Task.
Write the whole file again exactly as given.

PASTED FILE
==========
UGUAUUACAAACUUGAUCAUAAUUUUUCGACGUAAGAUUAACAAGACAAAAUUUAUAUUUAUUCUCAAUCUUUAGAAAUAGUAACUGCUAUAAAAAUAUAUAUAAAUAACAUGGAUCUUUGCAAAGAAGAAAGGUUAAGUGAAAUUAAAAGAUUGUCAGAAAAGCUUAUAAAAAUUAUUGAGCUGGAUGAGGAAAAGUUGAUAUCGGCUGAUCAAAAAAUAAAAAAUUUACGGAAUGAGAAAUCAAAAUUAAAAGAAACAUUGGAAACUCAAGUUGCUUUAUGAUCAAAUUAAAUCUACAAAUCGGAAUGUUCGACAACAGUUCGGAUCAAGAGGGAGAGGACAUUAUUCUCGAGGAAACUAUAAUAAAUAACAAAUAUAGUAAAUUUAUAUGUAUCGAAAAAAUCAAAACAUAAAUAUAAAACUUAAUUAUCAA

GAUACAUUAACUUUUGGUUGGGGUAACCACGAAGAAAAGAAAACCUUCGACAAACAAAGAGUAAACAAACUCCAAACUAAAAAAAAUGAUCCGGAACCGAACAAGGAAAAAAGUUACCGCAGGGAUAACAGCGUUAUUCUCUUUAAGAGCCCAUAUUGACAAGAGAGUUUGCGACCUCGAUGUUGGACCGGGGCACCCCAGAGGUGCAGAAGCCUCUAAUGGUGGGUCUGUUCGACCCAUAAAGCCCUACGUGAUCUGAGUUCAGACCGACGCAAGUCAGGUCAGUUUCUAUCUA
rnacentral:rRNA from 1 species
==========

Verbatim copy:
UGUAUUACAAACUUGAUCAUAAUUUUUCGACGUAAGAUUAACAAGACAAAAUUUAUAUUUAUUCUCAAUCUUUAGAAAUAGUAACUGCUAUAAAAAUAUAUAUAAAUAACAUGGAUCUUUGCAAAGAAGAAAGGUUAAGUGAAAUUAAAAGAUUGUCAGAAAAGCUUAUAAAAAUUAUUGAGCUGGAUGAGGAAAAGUUGAUAUCGGCUGAUCAAAAAAUAAAAAAUUUACGGAAUGAGAAAUCAAAAUUAAAAGAAACAUUGGAAACUCAAGUUGCUUUAUGAUCAAAUUAAAUCUACAAAUCGGAAUGUUCGACAACAGUUCGGAUCAAGAGGGAGAGGACAUUAUUCUCGAGGAAACUAUAAUAAAUAACAAAUAUAGUAAAUUUAUAUGUAUCGAAAAAAUCAAAACAUAAAUAUAAAACUUAAUUAUCAA

GAUACAUUAACUUUUGGUUGGGGUAACCACGAAGAAAAGAAAACCUUCGACAAACAAAGAGUAAACAAACUCCAAACUAAAAAAAAUGAUCCGGAACCGAACAAGGAAAAAAGUUACCGCAGGGAUAACAGCGUUAUUCUCUUUAAGAGCCCAUAUUGACAAGAGAGUUUGCGACCUCGAUGUUGGACCGGGGCACCCCAGAGGUGCAGAAGCCUCUAAUGGUGGGUCUGUUCGACCCAUAAAGCCCUACGUGAUCUGAGUUCAGACCGACGCAAGUCAGGUCAGUUUCUAUCUA
rnacentral:rRNA from 1 species